The Pursuit of Happiness: The True Meaning of the Misunderstood Phrase

When Thomas Jefferson included “the pursuit of Happiness” as an unalienable right in the Declaration of Independence, he wasn't talking about fleeting joy. Here's the true meaning behind the quote.
Painting showing Thomas Jefferson, John Adams, Roger Sherman, Robert Livingston, and Benjamin Franklin presenting the first draft of the Declaration of Independence to the Second Continental Congress.
Painting showing Thomas Jefferson, John Adams, Roger Sherman, Robert Livingston, and Benjamin Franklin presenting the first draft of the Declaration of Independence to the Second Continental Congress. / Culture Club/GettyImages

One of the most famous quotes in American history comes from the Declaration of Independence, which proclaims that “Life, Liberty and the pursuit of Happiness” are “unalienable Rights.”

These days, the right to pursue happiness is often thought to concern seeking subjective joy, but language is constantly evolving. Back in the 18th century, both pursuit and happiness had secondary definitions which completely change the meaning of the iconic quote.

Jump for Joy

When Thomas Jefferson drafted the declaration in the summer of 1776, he almost certainly wasn’t thinking of the joyful emotional state when listing happiness as a right. As political science professor James R. Rogers explained in First Things, at that time happiness could also mean “prosperity” and “well-being in the broader sense.” This sense encompassed “physical needs, but it also included a significant moral and religious dimension.”

So how do we know which definition Jefferson was using? The Founding Father based the declaration on similar contemporary political documents, many of which used happiness to mean the physical and spiritual well-being of all citizens rather than an individual’s fleeting pleasure. For instance, the Virginia Declaration of Rights—written mainly by George Mason and adopted on June 12, 1776—speaks of “the enjoyment of life and liberty, with the means of acquiring and possessing property, and pursuing and obtaining happiness and safety.” 

Declaration of Independence
Declaration of Independence / Douglas Sacha/Moment/Getty Images

This broader meaning of happiness is even clearer in later documents. The Massachusetts Constitution of 1780 notes that “the happiness of a people, and the good order and preservation of civil government, essentially depend upon piety, religion, and morality.” Similarly, the Northwest Ordinance of 1787 declares that “Religion, morality, and knowledge” are “necessary to good government and the happiness of mankind.”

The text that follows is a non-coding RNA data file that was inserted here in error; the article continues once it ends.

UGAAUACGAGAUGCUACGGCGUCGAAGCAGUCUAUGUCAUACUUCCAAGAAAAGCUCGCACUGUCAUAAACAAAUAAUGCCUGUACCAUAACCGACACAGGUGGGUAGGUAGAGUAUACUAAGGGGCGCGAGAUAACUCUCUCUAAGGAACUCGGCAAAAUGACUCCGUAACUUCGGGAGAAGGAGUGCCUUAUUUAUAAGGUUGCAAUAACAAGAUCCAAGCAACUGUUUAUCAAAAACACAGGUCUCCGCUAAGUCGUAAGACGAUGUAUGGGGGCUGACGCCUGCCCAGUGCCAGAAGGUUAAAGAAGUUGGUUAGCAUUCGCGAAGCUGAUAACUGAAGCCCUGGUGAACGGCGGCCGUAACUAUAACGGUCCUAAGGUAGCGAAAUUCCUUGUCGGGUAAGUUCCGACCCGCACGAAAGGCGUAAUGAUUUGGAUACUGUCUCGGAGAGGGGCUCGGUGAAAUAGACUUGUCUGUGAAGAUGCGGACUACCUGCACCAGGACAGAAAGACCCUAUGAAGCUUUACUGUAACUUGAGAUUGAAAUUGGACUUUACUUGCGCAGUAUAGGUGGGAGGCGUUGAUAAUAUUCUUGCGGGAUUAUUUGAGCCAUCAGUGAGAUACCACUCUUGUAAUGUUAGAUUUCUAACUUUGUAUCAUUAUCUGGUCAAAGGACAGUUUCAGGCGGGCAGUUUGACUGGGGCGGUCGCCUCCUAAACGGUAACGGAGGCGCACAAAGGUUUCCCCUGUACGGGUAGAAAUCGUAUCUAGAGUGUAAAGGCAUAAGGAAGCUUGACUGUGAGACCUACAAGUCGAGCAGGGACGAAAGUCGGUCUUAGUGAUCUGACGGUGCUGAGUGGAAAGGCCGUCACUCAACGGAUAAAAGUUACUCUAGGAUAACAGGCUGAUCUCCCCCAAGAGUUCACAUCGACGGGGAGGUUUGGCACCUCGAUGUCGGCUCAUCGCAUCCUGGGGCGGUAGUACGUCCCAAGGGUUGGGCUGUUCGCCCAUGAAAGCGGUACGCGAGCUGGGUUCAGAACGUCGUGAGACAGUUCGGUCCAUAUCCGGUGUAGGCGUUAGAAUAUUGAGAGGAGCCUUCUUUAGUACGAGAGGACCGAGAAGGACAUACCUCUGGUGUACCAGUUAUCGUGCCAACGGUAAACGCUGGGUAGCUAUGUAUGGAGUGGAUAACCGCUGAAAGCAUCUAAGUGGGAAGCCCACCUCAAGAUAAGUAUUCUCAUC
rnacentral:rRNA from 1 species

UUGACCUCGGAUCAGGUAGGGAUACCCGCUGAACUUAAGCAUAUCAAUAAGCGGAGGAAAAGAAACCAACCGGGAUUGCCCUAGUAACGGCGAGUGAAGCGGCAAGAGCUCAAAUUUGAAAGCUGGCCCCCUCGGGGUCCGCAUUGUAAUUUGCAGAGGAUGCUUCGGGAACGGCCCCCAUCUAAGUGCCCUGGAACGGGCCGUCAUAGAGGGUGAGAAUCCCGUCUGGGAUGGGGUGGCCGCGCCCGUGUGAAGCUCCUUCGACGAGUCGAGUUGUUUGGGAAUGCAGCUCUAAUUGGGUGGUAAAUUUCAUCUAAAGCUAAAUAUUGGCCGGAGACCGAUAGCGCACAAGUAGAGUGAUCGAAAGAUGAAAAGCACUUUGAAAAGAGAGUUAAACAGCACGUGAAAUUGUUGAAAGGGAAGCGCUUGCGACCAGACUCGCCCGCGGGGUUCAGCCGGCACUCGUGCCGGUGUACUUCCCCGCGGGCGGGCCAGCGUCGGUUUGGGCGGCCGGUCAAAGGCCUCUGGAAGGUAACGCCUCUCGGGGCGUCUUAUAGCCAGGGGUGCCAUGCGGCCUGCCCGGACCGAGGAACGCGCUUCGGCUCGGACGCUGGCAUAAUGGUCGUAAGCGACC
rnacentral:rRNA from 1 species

The misunderstanding over what happiness means in this context isn’t just a modern problem. In a 1786 letter to James Monroe, James Madison complained that “ultimate happiness” is often misinterpreted as the “immediate augmentation of property and wealth.” If the latter definition were accurate, he surmised that “it would be the interest of the majority in every community to despoil & enslave the minority of individuals; and in a federal community to make a similar sacrifice of the minority of the component States.”

In Hot Pursuit

There's a reason why it’s merely the pursuit of happiness that’s a right rather than happiness itself. In a 1964 article published by The William and Mary Quarterly [PDF], historian Arthur Schlesinger pointed out that while pursuit could mean “chase” or “follow,” when Jefferson was putting quill pen to paper he was likely thinking of a different definition: “The action of following or engaging in something, as a profession, business, recreation, etc.”

This meaning of pursuit is synonymous with practice and experience, and so, in Schlesinger’s words, the Declaration of Independence actually “proclaimed the practicing rather than the quest of happiness as a basic right equally with life and liberty.” The Virginia Declaration of Rights is again helpful in illustrating this, thanks to its statement about not only “pursuing” happiness, but also “obtaining” it.

Based on this reading, “the pursuit of Happiness” doesn’t mean chasing whatever your heart desires; rather, it’s about engaging in activities which support overall physical, mental, and moral well-being.

The Origin of the Phrase

While “Life, Liberty and the pursuit of Happiness” may feel like a distinctly American phrase, the Founding Fathers were actually inspired by an English philosopher. The idea traces its roots to John Locke’s Two Treatises of Government (1689), which states that mankind has a natural right “to preserve his property—that is, his life, liberty, and estate.” Jefferson replaced “estate” with “pursuit of Happiness,” but those words were also pulled from Locke. In An Essay Concerning Human Understanding (1689), the philosopher argues that “the foundation of liberty […] lies in a careful and constant pursuit of true and solid happiness.”

Although the declaration’s phrasing echoes Locke, this deeper conception of happiness dates back to at least ancient Greece. Greek philosophers—particularly Aristotle—contemplated eudaimonia, which is sometimes translated as “happiness,” but more accurately means “human flourishing” or “living well.”

The declaration’s “pursuit of Happiness” essentially repackaged the Greek concept of eudaimonia for American colonists in the 18th century. In an interview with Emory, theology professor Brent Strawn summarized that the phrase isn’t concerned with “momentary pleasurable sensations (‘I’m happy the sun came out this afternoon’) but with deep and extended qualities of life (the happiness one feels to be cancer-free, for instance).”

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